Towards this goal of knowing more, two words come to mind: Transparency and Accountability.
Q What do you think these words mean when it comes to assignments?
Transparency is about a full disclosure of who is buying, selling, or assigning or transferring. Accountability is about ensuring that correct and adequate payment, whether it be GST, or Property Transfer Taxes or assignment profits to the seller, are collected and paid to the right persons and if they are not paid there would be ways to find, and then make the responsible party to pay.

Corporate Ownership and Control
Getting both Transparency and Accountability can be tough with corporate clients. How do you identify if the company has the authority to sign the contract, or let alone to assign, or receive, an assignment?
Q I would like to see a show of hands. How many of you have the experience of dealing with corporate clients who are either purchasers, assignors ,or assignees?
Q For those of you have corporate clients, may I ask how you all identify who the authorized signatory who can sign on behalf of the company?
- do you look at the Notice of Articles on the Corporate Registry?
- do you look inside the corporate minute book to review
the Register of Directors?
- do you look for resolutions signed authorizing one person or more to sign on behalf of the Company?
- Do you look for the shareholder resolutions appointing the directors?
- Do you look for the consents of the directors?
- Does the corporate client even have a corporate minute book?
Q How many of you who have had dealings with corporate clients where it is unclear about who the shareholders are, and who really owns the company and if they are actually owners, just how much of the company is owned?
Quite often, and in the past, it may have been enough to just accept the names of the people who are registered as directors for a company as having signing authority.
Increasingly, we need to educate ourselves that what you see, is not really what you get, because the new PTT forms, and rules regarding transparency that I will refer to you later , all want to know who actually owns the company. The incoming laws requires parties to know it and to make efforts to find out.
For you, as realtors, it is important for you to know who you are dealing with. This is part of the 4th and the 6th minimum requirements listed by the Real Estate Council of BC’s Professional Standards Manual under “Trading Services.”
In relation to minimum requirement item no. 6, If you have a corporate client as an assignor or assignee, then how to you verify signing authority? How do you verify the true ownership?
There are many ways. What are some ways?
Currently, if you are to search the corporate records of a company online, how many here think you can determine who owns the company?
To start with, you need to access the full corporate records of the company, not just the information at filed at the corporate registry.
In actuality, you will not find information about the ownership of the Company on the corporate registry. You would be able to get the share structure but not who owns the particular shares.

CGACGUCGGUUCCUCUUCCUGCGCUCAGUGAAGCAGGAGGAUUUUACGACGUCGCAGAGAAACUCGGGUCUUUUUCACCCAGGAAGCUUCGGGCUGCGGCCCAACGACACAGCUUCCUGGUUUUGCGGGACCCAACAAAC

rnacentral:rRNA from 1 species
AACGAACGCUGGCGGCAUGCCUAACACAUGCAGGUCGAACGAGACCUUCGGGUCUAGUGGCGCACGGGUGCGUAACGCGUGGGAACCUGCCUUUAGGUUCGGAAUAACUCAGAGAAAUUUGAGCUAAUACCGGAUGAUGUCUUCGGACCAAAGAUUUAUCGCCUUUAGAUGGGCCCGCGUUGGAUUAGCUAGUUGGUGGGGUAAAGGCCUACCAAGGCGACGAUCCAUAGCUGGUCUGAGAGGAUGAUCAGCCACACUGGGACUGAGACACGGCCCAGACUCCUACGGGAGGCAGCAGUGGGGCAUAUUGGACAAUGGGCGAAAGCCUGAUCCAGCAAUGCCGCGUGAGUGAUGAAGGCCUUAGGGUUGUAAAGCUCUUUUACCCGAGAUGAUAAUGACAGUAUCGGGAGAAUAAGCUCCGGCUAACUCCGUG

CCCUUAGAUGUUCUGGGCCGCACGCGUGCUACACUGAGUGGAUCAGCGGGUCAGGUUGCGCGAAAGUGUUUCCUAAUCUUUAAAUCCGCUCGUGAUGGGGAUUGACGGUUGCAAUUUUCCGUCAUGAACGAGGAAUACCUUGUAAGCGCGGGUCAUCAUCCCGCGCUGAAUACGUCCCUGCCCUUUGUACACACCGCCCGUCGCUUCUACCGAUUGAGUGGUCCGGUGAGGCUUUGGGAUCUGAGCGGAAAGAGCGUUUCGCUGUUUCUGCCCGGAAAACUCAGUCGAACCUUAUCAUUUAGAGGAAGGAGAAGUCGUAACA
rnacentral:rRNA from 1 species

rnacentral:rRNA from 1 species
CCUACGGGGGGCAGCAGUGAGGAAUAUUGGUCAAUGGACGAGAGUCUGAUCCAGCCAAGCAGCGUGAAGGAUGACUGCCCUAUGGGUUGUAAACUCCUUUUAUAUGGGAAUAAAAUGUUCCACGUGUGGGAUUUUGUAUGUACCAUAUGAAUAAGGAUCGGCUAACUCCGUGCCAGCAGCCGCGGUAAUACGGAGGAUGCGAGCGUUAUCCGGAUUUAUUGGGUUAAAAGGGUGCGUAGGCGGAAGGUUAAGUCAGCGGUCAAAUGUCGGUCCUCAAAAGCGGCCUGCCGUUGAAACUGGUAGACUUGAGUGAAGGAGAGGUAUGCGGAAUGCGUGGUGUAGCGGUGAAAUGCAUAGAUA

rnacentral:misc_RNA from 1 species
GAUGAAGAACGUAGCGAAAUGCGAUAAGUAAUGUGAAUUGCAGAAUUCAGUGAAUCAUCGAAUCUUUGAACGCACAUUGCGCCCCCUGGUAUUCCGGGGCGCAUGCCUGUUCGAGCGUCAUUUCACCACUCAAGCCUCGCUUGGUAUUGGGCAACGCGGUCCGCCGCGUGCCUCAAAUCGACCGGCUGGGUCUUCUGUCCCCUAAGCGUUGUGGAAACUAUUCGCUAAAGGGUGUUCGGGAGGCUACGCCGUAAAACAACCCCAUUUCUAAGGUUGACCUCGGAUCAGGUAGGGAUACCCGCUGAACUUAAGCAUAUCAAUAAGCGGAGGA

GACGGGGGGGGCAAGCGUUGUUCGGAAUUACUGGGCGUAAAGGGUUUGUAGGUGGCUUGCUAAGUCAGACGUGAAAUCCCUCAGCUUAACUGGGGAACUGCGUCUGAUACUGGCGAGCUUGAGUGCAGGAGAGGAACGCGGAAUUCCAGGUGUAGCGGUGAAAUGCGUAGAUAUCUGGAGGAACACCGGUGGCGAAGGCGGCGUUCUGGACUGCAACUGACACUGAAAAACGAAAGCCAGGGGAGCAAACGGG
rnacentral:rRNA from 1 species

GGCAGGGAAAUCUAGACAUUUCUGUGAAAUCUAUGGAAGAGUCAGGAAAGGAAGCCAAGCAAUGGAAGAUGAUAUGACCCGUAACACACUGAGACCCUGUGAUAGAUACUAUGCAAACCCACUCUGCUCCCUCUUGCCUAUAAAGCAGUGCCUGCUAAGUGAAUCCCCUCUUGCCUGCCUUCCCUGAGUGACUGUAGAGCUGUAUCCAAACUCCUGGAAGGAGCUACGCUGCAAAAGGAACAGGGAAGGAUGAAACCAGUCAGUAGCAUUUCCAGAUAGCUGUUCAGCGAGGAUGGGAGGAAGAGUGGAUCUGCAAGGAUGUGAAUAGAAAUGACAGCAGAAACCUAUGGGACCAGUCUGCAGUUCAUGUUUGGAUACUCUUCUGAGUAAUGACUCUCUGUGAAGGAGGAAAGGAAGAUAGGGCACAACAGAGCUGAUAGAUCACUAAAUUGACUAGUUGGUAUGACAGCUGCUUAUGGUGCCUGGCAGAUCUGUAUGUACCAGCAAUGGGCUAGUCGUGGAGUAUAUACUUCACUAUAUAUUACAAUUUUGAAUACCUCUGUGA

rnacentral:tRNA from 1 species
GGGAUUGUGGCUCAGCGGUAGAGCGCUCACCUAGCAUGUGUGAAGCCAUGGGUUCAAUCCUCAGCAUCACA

You should look at the Director Resolutions which are formal minutes of director meetings where a decision is made to appoint someone as having authority to sign for the company or if any one director can bind the company.
Then again, if the resolutions are signed by three out of four directors, how would you know if it meets the necessary quorum for a decision to be made?
Further Directors may be fired at any point in time by the Shareholders. Does anyone know how many of the voting shares of a company is needed to appoint and to fire, Directors? 66.67%
You have to look at a document called the Central Securities Register, and see what classes of shares have been issued, and what voting rights, if any, that the various class holders have,
Then you may need the see the names of the directors that have been appointed and see if it matches the Register of Directors and the names of directors that are listed on the corporate registry.
Then again, you may see a list of Officers for the Company that are neither the Directors, not the shareholders, and who hold positions by nomination of the Directors.
You may also have to see if you can find a shareholder agreements and stamps on share certificates that may indicate that shareholders are subject to an agreement which may or may not be filed with the corporate minute book.
If one of the shareholders itself is a corporation you need to look further into the corporate minute book of that corporation as well.
In many cases, the company can be incorporated by the clients themselves. In that case often they do not document anything, and if there is a signature, there may be lacking the independent verification of identity of that person that would be provided if the client had hired a lawyer to incorporate the company, as lawyers acting for the company have an independent obligation to verify the identity of corporate shareholders and directors.
For added certainty, if there is more than one company who is the client, such where one is a trustee and you may want to look into the tax records of the owners to see who is reporting the income, or losses, of the company. The company that reports the income or the losses, Is usually the owning company.
Another way to unravel the corporate onion maybe to verify the source of the funds and whether they are from the shareholders or a non registered party, or from the operation of the business.
With so many layers, it is no wonder there has been a movement now to provide more transparency to the public, and to realtors about corporate owners and purchasers.
Beneficial v Legal Ownership
Another problem that can be encountered in identifying who is the owner or who is in control, is the distinction between legal v beneficial ownership.
Q How many of you know the difference between beneficial and legal ownership? Can someone explain it?

It is the difference between who owns the property or interest in a contract on paper, and who really owns it based on other reasons such as their contributions to the property.
In many of these situations there are no agreements signed, just an understanding.